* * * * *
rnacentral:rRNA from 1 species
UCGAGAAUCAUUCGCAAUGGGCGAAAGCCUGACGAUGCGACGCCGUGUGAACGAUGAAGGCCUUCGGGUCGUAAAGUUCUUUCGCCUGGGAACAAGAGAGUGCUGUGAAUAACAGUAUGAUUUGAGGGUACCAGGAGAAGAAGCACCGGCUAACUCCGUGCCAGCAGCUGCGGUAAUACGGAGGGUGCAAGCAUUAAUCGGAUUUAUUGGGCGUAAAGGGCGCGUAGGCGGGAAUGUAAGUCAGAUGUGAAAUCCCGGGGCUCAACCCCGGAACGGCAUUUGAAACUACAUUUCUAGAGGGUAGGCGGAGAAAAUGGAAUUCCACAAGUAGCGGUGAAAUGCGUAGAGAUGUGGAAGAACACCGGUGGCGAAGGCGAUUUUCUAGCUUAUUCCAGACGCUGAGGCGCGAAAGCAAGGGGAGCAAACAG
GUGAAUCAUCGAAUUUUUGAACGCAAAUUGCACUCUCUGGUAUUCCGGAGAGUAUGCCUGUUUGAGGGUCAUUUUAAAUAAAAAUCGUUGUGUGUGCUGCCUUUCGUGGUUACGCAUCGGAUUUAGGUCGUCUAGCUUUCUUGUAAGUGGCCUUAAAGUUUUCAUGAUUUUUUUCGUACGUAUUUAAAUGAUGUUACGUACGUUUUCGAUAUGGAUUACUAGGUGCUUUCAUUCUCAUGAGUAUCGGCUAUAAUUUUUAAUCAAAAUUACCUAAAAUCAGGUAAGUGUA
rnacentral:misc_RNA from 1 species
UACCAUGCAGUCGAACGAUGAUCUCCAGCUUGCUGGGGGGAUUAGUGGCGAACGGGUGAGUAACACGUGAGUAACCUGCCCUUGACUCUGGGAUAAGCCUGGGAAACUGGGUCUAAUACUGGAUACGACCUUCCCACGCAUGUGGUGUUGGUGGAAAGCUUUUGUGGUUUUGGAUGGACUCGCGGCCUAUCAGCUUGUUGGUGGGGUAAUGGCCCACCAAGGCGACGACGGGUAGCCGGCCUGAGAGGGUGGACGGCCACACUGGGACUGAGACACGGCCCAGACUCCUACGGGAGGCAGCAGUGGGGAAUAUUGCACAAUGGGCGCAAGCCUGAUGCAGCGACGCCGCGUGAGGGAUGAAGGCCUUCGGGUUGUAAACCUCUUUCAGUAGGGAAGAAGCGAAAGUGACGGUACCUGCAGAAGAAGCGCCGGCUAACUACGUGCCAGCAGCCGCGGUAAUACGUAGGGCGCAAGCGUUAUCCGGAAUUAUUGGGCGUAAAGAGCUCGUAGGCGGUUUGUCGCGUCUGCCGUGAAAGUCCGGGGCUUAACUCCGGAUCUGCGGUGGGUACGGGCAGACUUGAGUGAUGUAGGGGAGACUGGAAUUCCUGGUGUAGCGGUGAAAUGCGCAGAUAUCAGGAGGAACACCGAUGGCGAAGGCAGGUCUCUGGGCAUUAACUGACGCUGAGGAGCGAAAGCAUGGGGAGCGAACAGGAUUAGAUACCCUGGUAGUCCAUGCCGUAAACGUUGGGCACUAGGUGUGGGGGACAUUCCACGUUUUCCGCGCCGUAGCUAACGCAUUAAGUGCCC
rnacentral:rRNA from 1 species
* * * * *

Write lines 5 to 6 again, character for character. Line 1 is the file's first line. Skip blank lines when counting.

UACCAUGCAGUCGAACGAUGAUCUCCAGCUUGCUGGGGGGAUUAGUGGCGAACGGGUGAGUAACACGUGAGUAACCUGCCCUUGACUCUGGGAUAAGCCUGGGAAACUGGGUCUAAUACUGGAUACGACCUUCCCACGCAUGUGGUGUUGGUGGAAAGCUUUUGUGGUUUUGGAUGGACUCGCGGCCUAUCAGCUUGUUGGUGGGGUAAUGGCCCACCAAGGCGACGACGGGUAGCCGGCCUGAGAGGGUGGACGGCCACACUGGGACUGAGACACGGCCCAGACUCCUACGGGAGGCAGCAGUGGGGAAUAUUGCACAAUGGGCGCAAGCCUGAUGCAGCGACGCCGCGUGAGGGAUGAAGGCCUUCGGGUUGUAAACCUCUUUCAGUAGGGAAGAAGCGAAAGUGACGGUACCUGCAGAAGAAGCGCCGGCUAACUACGUGCCAGCAGCCGCGGUAAUACGUAGGGCGCAAGCGUUAUCCGGAAUUAUUGGGCGUAAAGAGCUCGUAGGCGGUUUGUCGCGUCUGCCGUGAAAGUCCGGGGCUUAACUCCGGAUCUGCGGUGGGUACGGGCAGACUUGAGUGAUGUAGGGGAGACUGGAAUUCCUGGUGUAGCGGUGAAAUGCGCAGAUAUCAGGAGGAACACCGAUGGCGAAGGCAGGUCUCUGGGCAUUAACUGACGCUGAGGAGCGAAAGCAUGGGGAGCGAACAGGAUUAGAUACCCUGGUAGUCCAUGCCGUAAACGUUGGGCACUAGGUGUGGGGGACAUUCCACGUUUUCCGCGCCGUAGCUAACGCAUUAAGUGCCC
rnacentral:rRNA from 1 species